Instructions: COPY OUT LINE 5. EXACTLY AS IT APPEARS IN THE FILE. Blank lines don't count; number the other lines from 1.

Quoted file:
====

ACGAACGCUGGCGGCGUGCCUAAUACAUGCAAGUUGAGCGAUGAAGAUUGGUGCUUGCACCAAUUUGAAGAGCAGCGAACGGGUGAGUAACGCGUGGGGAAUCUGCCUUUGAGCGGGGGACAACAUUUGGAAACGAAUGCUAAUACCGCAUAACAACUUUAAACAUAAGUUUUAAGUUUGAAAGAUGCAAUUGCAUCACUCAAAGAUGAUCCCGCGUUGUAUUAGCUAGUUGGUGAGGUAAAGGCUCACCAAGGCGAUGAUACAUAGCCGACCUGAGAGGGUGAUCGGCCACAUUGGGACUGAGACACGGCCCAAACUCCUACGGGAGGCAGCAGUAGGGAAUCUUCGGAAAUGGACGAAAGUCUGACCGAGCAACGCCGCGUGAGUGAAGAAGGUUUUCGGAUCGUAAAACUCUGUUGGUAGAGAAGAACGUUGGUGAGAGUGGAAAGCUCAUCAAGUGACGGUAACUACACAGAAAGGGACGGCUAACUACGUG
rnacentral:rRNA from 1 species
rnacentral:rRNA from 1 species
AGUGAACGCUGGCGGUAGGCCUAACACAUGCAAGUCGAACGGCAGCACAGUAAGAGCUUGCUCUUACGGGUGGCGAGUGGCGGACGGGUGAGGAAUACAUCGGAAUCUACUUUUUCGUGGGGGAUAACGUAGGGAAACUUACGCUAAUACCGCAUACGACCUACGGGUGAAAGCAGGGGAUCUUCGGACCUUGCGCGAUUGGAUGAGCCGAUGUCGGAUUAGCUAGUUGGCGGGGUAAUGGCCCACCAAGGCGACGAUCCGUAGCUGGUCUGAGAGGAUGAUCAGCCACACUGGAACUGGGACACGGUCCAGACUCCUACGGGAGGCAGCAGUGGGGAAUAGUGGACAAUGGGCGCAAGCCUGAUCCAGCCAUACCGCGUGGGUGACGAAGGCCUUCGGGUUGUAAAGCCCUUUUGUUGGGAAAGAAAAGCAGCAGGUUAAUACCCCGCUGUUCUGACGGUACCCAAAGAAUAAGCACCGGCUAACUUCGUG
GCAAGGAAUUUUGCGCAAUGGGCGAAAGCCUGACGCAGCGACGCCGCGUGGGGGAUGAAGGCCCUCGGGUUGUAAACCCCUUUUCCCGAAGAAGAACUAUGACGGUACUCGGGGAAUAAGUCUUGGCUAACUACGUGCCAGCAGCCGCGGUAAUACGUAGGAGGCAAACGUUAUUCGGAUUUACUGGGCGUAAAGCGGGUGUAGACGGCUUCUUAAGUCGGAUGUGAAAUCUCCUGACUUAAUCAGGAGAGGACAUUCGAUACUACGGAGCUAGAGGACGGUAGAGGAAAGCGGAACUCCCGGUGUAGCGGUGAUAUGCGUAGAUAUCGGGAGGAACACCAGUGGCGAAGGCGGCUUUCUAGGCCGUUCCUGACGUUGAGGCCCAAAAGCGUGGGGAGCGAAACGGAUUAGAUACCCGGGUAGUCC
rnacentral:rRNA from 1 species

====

GCAAGGAAUUUUGCGCAAUGGGCGAAAGCCUGACGCAGCGACGCCGCGUGGGGGAUGAAGGCCCUCGGGUUGUAAACCCCUUUUCCCGAAGAAGAACUAUGACGGUACUCGGGGAAUAAGUCUUGGCUAACUACGUGCCAGCAGCCGCGGUAAUACGUAGGAGGCAAACGUUAUUCGGAUUUACUGGGCGUAAAGCGGGUGUAGACGGCUUCUUAAGUCGGAUGUGAAAUCUCCUGACUUAAUCAGGAGAGGACAUUCGAUACUACGGAGCUAGAGGACGGUAGAGGAAAGCGGAACUCCCGGUGUAGCGGUGAUAUGCGUAGAUAUCGGGAGGAACACCAGUGGCGAAGGCGGCUUUCUAGGCCGUUCCUGACGUUGAGGCCCAAAAGCGUGGGGAGCGAAACGGAUUAGAUACCCGGGUAGUCC